How Britain and the U.S. Escaped Their
March 17, 2011
(This item originally appeared in Forbes on March 17, 2011.)
Historically, when governments amass too much debt, they default on it.
That's just the way it is.
But there have been two exceptions to this rule: One was the United
States after World War II; the other was Britain after the Napoleonic
How did they do it? What was their strategy?
Some estimates show that the British government's debt after Waterloo
was over 250% of GDP. However, that is a ridiculously high figure, and
modern GDP statistics date back only to 1950 or so. Let's just say that
it was a whopping big debt.
We can begin by listing what Britain's government did not do: It did
not indulge in exorbitant government spending to "stimulate the
economy." It did not devalue the currency. And it did not raise taxes.
Rather, Britain's approach was right in line with what I call the magic
formula: low taxes, stable money.
To help pay for the war Britain introduced an income tax. It was the
first modern income tax in the world, dating from 1799.
With the war's end in 1816 Britain eliminated the income tax. Given the
enormous debt, this was considered rather daring at the time.
The second thing Britain did was to return to the gold standard. The
pound was delinked from gold at the onset of hostilities, and its value
floated downward. This naturally led to an increase in interest rates,
to the 5% to 6% range from the 3.5% common with a gold standard. The
gold standard was reinstated in 1821, and bond yields fell back to the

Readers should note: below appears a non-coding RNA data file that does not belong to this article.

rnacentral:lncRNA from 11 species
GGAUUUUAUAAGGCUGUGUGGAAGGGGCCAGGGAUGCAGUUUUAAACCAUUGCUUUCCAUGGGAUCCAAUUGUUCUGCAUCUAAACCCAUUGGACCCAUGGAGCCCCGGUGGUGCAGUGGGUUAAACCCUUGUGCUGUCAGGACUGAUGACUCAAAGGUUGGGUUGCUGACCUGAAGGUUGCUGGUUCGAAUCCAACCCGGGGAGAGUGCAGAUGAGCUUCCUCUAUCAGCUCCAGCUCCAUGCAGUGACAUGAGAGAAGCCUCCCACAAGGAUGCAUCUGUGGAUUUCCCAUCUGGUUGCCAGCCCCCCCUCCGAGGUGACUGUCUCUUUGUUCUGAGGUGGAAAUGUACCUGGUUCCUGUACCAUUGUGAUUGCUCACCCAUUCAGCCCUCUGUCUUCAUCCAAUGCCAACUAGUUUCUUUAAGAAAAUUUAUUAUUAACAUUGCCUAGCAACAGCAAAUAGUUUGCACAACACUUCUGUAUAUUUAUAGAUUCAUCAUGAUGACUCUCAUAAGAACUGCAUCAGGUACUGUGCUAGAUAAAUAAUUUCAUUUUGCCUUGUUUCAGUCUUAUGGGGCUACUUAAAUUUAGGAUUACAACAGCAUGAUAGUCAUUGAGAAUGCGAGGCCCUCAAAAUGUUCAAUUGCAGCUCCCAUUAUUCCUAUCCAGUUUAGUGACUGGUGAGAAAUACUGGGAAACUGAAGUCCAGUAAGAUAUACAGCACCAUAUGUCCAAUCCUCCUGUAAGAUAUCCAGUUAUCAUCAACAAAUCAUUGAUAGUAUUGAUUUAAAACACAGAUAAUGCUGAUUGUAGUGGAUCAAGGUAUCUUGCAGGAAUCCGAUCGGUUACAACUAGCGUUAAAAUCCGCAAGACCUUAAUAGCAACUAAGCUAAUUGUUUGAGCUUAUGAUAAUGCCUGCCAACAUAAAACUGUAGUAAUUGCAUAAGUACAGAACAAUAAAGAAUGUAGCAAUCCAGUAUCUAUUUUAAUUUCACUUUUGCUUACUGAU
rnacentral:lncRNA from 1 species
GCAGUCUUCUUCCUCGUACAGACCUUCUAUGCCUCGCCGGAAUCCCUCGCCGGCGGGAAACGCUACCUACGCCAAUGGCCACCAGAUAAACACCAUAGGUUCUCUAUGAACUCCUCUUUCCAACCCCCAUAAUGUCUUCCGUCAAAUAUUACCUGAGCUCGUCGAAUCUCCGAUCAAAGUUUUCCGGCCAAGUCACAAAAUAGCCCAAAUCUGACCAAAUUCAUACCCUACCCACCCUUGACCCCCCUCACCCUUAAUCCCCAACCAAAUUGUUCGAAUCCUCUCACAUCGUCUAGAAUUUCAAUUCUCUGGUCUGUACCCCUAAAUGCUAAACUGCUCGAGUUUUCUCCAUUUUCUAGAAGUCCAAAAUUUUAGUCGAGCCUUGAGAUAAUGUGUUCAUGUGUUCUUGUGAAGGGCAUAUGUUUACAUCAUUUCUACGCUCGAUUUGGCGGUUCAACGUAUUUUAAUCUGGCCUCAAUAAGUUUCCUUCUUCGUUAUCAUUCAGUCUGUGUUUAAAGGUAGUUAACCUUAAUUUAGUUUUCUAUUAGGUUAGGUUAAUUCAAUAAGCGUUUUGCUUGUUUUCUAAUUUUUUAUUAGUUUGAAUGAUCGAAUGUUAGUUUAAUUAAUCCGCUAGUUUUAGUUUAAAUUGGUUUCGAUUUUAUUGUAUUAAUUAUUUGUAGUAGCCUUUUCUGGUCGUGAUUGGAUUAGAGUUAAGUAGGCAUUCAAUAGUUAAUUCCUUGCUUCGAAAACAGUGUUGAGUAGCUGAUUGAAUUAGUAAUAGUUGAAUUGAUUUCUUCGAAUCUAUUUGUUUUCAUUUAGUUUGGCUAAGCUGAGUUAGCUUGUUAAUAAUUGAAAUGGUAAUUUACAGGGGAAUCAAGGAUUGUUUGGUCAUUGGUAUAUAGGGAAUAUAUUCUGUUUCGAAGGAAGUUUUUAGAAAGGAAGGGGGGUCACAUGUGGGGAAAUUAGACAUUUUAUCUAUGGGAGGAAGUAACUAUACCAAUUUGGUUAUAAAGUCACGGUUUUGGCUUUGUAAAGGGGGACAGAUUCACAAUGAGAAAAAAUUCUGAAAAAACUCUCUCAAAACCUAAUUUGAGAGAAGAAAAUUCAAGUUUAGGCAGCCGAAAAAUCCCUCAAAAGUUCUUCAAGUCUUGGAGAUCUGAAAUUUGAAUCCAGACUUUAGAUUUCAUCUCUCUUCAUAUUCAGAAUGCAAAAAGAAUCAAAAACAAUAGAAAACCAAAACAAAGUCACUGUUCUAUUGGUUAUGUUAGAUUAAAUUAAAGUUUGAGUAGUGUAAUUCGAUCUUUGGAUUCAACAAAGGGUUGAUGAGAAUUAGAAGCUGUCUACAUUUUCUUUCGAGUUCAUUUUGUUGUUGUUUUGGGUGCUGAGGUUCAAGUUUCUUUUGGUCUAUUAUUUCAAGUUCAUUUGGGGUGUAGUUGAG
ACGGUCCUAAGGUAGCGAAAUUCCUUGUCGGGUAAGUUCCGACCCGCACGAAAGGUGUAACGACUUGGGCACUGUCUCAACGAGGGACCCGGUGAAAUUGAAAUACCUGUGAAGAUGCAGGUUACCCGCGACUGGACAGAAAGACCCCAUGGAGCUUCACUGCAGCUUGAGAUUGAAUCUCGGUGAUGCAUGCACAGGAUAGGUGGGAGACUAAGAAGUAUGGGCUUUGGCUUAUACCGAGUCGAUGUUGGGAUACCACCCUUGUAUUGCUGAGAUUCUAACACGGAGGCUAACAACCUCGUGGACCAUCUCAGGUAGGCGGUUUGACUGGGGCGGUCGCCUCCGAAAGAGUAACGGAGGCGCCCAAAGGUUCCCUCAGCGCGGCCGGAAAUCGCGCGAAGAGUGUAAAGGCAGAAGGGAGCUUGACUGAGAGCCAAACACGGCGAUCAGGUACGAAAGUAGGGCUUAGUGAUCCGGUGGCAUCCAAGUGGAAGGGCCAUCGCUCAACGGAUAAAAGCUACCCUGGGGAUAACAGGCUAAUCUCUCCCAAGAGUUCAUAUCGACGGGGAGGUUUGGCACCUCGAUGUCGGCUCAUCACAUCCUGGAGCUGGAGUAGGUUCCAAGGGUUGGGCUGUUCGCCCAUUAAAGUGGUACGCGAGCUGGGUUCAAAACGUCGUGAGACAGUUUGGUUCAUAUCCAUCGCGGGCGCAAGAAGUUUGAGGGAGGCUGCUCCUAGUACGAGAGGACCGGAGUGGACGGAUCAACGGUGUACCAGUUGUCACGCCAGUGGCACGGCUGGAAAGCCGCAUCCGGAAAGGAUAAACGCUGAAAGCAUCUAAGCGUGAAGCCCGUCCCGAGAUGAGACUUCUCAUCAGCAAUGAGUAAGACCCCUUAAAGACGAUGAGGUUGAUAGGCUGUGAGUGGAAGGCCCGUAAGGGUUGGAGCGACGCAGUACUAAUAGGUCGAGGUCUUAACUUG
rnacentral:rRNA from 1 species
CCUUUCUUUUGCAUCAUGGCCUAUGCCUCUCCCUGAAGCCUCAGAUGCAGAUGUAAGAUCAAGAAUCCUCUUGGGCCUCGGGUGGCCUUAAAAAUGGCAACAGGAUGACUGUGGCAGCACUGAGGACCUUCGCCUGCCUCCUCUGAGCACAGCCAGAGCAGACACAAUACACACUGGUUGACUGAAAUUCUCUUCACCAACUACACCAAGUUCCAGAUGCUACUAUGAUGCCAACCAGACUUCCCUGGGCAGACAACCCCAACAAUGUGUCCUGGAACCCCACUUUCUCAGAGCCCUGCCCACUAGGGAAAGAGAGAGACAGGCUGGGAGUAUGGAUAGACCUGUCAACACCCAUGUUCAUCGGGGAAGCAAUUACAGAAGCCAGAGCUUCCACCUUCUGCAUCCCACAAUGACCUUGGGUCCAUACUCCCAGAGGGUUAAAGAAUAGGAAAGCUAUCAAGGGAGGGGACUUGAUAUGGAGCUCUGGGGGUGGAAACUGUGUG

3.5% range, where they stayed until 1914. This allowed the government
to finance its large debt cheaply.
Over time the economic growth allowed by the low-tax environment and
stable money increased the size of the economy dramatically. This was
the Industrial Revolution, which was led by Britain. Why did it happen
in Britain, and not Spain or Italy? The Magic Formula allowed
capitalism to flourish.
What about the U.S.? Did the U.S. government raise taxes to pay off the
enormous debt (125% of GDP) incurred during World War II?
No, it did not. Republicans managed a small tax cut immediately after
the war's end. Then in 1952 Republicans won both Congress and the
presidency on a plan to reduce tax rates by 30%. However, after the
election, Eisenhower decided not to push through with the tax cut plan.
Further tax cuts had to wait until President Kennedy, whose tax cut
plan--almost identical to the Republicans' 1952 proposal for a 30%
reduction in rates--was enacted in 1964, after Kennedy's death.
As was the case for the British pound during the Napoleonic Wars, the
U.S. dollar was also quietly delinked from gold during World War II.
Although officially the dollar was pegged at $35 per ounce, in practice
it floated somewhat, falling as far as $45 per ounce at one point. This
was resolved with the Fed Accord of 1951, which returned the dollar to
a much more firm link to gold at its official $35 per ounce rate.
U.S. government spending contracted dramatically after the war.
Although large deficits were not a feature of the 1950s and 1960s,
neither were large surpluses. The total nominal amount of debt grew
slightly in those decades.
As was the case with Britain, the U.S. government's large debt-to-GDP